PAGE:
Where was God that terrible night? He was there with Pastor Baxter, Anne’s father, as he put aside his own grief and anger to comfort another father. Anne’s attacker was a boy from Baxter’s church, the son of a deacon. One grieving father entered into the grief of another that night.

God was also in the jail house when this same pastor arrived to try to minister to the deranged boy who had tried to kill his daughter. Baxter was a huge Irishman whose very physical appearance was intimidating. The police would not allow him in. They couldn’t believe that he would have anything other than vengeance on his mind. But in any case God walked through the bars that night and He is still there, standing beside a boy growing old, forever condemned to life locked in his own mad world.

And Anne? Physically she would recover from her injuries but what was stolen from her that summer when someone she thought she knew entered her apartment … well, only eternity can heal some wounds.


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This article has been read 996 times
Member Comments
Member Date
Folakemi Emem-Akpan03/07/06
I almost did not read this article bcos of its title, but i'm glad i did. Is this a true life story? If so, I sympathise with both Anna and the deranged boy.
Oh, and did I say it was a well written story, easy to follow and relaying the events coherently
Edy T Johnson 03/07/06
Such a well-told story does need a title that will grab the reader. In your own words, how about: Through Balcony Doors. This has a more intriguing sound, I think, and it's also a more subtle way to say "enter." Great writing!
david grant03/07/06
This was shocking. Good job there!
Jessica Schmit03/08/06
What a terrible story. I felt sick reading it, but it was very well written. The writing really communicated that it was a true story (is it.) good job.
Maxx .03/08/06
Difficult topic to address. You handled it well. We're left to feel for both the victim and the criminal. Good!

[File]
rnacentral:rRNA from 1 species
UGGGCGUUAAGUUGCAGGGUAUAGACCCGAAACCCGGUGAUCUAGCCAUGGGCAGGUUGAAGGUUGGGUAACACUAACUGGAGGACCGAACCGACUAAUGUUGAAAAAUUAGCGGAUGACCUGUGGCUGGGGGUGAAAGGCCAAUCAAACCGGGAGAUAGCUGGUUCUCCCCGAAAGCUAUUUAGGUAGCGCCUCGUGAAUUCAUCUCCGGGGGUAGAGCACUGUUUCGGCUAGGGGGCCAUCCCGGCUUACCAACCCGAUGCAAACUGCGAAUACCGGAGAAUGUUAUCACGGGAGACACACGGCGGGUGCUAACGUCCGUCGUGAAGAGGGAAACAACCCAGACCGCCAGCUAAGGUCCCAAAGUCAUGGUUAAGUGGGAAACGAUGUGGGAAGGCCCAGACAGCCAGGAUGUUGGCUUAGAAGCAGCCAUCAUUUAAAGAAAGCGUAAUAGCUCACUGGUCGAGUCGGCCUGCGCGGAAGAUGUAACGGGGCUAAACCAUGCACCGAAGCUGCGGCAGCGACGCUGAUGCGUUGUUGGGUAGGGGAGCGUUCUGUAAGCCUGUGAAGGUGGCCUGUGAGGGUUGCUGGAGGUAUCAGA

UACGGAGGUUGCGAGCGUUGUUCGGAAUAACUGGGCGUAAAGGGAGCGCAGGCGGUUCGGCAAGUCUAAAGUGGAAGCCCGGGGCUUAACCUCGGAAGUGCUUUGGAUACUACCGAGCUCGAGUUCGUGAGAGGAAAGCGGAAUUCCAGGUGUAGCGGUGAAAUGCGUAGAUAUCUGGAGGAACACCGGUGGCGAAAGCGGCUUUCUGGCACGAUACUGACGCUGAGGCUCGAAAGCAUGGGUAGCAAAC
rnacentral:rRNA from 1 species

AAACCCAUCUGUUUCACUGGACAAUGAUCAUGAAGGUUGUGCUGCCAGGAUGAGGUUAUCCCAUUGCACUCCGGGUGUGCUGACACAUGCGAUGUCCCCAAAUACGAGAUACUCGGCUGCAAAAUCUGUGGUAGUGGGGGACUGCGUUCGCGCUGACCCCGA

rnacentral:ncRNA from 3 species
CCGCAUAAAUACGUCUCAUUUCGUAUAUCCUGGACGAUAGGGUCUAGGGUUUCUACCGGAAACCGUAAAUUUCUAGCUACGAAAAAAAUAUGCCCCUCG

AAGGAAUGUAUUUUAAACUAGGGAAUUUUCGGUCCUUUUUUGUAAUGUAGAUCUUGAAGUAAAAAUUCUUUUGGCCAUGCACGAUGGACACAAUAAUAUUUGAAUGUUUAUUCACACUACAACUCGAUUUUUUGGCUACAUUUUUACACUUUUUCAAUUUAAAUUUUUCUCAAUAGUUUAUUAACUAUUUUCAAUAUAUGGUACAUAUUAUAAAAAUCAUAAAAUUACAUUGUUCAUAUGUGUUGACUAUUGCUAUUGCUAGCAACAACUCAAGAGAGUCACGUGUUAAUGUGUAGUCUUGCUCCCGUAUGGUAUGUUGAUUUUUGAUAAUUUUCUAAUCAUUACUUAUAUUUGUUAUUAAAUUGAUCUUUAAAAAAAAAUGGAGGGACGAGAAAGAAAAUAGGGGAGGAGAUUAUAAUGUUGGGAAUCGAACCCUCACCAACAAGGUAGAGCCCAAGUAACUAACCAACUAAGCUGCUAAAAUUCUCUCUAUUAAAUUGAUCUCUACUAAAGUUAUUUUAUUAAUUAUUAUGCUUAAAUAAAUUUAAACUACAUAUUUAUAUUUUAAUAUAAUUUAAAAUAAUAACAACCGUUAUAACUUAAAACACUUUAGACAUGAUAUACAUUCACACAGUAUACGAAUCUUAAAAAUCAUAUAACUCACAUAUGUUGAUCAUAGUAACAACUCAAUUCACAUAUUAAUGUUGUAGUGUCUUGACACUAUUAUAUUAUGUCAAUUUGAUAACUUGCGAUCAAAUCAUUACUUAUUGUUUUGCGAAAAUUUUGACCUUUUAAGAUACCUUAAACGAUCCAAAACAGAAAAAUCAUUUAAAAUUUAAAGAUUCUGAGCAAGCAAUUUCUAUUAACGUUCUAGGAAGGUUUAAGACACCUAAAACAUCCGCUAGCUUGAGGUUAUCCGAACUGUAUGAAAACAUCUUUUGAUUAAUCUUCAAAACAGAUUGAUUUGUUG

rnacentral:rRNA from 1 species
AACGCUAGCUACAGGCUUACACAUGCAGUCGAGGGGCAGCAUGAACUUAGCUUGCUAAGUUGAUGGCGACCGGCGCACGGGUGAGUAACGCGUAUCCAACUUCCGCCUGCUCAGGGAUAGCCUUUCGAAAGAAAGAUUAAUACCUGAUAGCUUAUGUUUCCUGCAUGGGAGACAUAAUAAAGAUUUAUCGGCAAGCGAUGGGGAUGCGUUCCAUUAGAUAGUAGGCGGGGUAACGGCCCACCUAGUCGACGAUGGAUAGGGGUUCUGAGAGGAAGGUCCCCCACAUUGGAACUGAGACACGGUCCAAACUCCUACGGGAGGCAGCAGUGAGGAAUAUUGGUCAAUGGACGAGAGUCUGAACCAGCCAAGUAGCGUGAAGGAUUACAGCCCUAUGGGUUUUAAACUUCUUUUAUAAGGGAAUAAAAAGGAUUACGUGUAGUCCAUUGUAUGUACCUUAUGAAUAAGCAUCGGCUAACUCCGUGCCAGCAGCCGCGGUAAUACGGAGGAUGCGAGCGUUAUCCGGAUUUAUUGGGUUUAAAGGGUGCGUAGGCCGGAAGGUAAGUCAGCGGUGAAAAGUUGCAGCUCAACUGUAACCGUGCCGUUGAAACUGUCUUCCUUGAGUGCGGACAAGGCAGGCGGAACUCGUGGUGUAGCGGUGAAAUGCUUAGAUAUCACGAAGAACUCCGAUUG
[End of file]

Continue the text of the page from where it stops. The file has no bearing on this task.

Jan Ackerson 03/10/06
I love your "where was God?" paragraphs. It's so hard to see God in some circumstances, and you showed us His precious hand at work.
Sue Dent03/10/06
Bad things happen to good people. Good people struggle to rationalize. . .then God intervenes. Loved it, loved it, loved it. Captivating story!
Val Clark03/10/06
Great presentation of a shocking story. Wonderful to see the redemptive power of God working out in the lives of both victim and the boy. My only suggestion: you can up the tension in the 'action scene' by keeping sentences short. Yeggy
Suzanne R03/11/06
How awful ... and yet there are a few strong rays of light ... the father's response to the father of the attacker; the fact that she hadn't put on pyjamas ... but oh....... You've told the story very vividly, and highlighted those rays of light beautifully too. Well done.
Linda Watson Owen03/11/06
What you've covered in 750 words or less is remarkable! A very charged and pointed story of great distress and even greater grace! So skillfully written! I'm such a fan of your writing, Linda!!
Linda Watson Owen03/11/06
Oops, that was supposed to be Lynda with a 'y'! Too used to my own Linda with an 'i'! Haha!
T. F. Chezum03/12/06
Very vivid, well written story.
Kate Wells03/14/06
What an amazing story of survival. And you told it so very well! Kate~